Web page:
Packaging Material Suppliers in Bangalore

Stretch Film Guide

Information Guide for Stretch Film Hand Rolls and Machine Rolls

Whether you are a complete beginner or expert the information in this guide should answer the most common questions you may have. This guide covers such things as what are the different types of Stretch wrap film, what the features and benefits of each type of film are, instructions on using stretch wrap, recycling and some of the potential problems that can affect film in certain circumstances and their remedies.

The Differences between Blown, Cast, and Pre-stretched Stretch Film

Originally, all palletwrap was Blown Film and, a process much like blowing a large bubble. Resin is heated and passed over an opening through which air is blown. Blown materials are strong and ideally suited for cold room applications. The following link on You Tube shows the process.

Conventional Blown Palletwrap characteristics are:

  • Hazy, dull in appearance
  • Excellent puncture resistance
  • Very noisy unwind
  • High force on load

Cast Stretch Film

This is also called Cast Film or Cast Stretch Film and is manufactured using the cast extrusion process. It is extruded through rollers and “laid out” in sheets. This process allows the film to be made in multiple layers. The layers allow the film to be made with cling on only one side. This onesided cling film is great in situations where you don’t want one pallet to stick to the one next to it, these film layers can make the film stronger by adding tough layers to the inside.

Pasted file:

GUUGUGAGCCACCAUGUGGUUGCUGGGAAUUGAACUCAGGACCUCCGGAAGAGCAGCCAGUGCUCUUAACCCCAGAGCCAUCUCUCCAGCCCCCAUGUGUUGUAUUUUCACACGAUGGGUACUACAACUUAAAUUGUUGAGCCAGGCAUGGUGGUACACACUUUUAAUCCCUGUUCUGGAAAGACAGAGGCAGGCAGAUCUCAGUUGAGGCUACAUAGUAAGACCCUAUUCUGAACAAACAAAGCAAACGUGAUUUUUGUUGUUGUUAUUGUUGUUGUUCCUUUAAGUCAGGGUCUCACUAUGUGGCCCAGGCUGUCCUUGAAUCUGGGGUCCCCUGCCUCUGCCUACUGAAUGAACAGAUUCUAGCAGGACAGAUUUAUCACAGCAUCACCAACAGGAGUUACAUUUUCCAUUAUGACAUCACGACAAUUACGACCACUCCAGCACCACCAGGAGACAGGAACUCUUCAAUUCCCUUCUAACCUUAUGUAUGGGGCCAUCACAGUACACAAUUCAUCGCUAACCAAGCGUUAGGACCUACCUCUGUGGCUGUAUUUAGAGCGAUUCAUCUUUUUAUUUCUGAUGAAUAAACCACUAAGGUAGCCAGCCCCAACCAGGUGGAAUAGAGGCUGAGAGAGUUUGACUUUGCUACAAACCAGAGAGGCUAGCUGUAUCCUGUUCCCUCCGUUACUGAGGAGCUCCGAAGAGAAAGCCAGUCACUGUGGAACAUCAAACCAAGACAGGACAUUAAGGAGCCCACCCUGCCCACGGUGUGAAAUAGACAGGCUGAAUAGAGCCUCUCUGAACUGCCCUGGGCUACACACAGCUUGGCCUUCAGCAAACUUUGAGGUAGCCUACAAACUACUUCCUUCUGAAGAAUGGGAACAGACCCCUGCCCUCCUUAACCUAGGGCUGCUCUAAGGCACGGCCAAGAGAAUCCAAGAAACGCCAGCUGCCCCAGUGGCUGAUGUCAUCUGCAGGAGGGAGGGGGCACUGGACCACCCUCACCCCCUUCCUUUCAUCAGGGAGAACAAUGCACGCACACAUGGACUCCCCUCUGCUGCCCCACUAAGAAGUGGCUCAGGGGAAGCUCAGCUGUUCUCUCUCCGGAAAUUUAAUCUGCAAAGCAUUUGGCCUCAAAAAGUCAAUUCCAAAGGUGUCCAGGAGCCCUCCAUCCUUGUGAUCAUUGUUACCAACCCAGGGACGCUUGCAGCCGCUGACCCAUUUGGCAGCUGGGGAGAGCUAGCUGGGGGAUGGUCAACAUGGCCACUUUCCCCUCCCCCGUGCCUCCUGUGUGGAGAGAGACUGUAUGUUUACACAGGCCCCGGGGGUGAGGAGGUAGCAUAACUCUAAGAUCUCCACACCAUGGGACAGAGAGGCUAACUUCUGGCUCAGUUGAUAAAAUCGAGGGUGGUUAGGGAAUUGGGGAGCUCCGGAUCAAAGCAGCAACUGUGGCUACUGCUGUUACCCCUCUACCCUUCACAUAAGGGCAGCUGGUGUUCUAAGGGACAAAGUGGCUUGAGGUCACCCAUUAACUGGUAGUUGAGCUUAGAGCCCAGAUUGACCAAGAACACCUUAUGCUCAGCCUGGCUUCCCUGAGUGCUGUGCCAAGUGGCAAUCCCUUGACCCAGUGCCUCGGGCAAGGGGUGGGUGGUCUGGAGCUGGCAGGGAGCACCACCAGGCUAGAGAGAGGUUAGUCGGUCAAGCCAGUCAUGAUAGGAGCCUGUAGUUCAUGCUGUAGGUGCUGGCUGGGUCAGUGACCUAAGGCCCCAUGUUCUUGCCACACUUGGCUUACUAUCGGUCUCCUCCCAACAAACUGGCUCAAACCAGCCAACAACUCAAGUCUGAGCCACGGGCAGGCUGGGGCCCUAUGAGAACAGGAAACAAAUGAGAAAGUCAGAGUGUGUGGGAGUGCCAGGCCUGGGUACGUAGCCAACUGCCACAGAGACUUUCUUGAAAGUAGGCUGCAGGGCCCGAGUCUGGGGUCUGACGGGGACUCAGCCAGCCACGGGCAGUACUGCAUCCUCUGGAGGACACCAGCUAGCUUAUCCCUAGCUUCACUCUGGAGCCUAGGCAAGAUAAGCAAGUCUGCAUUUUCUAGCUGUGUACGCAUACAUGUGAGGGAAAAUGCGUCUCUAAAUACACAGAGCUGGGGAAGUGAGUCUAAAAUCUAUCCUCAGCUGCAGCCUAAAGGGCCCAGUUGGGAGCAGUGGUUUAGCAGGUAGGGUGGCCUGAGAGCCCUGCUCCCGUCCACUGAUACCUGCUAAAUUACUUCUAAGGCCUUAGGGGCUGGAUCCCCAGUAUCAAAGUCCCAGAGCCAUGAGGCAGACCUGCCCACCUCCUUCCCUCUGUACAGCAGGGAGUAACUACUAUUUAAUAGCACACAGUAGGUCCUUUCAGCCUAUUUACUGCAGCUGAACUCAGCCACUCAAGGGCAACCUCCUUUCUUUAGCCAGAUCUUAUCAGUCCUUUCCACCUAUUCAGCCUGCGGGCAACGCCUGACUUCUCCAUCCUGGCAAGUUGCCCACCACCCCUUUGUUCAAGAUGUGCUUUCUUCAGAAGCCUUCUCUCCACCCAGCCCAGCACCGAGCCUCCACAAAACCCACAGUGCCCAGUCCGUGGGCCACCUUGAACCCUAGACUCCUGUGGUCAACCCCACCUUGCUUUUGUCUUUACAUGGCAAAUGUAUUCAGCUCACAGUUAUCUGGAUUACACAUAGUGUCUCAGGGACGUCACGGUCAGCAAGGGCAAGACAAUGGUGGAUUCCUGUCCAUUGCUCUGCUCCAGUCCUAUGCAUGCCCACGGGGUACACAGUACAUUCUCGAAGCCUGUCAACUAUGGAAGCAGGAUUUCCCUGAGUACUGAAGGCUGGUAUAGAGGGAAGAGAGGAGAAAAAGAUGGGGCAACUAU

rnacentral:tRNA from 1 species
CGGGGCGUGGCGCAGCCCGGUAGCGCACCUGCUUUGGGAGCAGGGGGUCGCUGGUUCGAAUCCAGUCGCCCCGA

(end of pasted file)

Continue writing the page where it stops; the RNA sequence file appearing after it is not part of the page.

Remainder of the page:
Conventional characteristics of Cast Palletwrap are:

  • Good transparency
  • Clear and glossy film
  • Superior tear resistance
  • Quiet unwind
  • Consistent cling and film thickness

Pre-stretched Stretch Film

Pre-stretched Film or Pre-Programmed Film as it is sometimes known, is a half-way house between Blown and Cast Film. The product is made as co-extruded Blown Film with its main characteristics being its hazy, dull appearance with a certain amount of ‘tack’ although not as much as with Blown Film but more than with Cast. It has excellent puncture resistance, and is easier to apply than conventional Blown and Cast Films. Pre-stretched Film is stretched before being applied to the load and it’s main advantages are:

  • Customer uses less film per wrapped load so cost to wrap each pallet is reduced
  • Quicker and easier to wrap load, thus saving time and money
  • Less post film waste is generated, reducing packaging waste obligation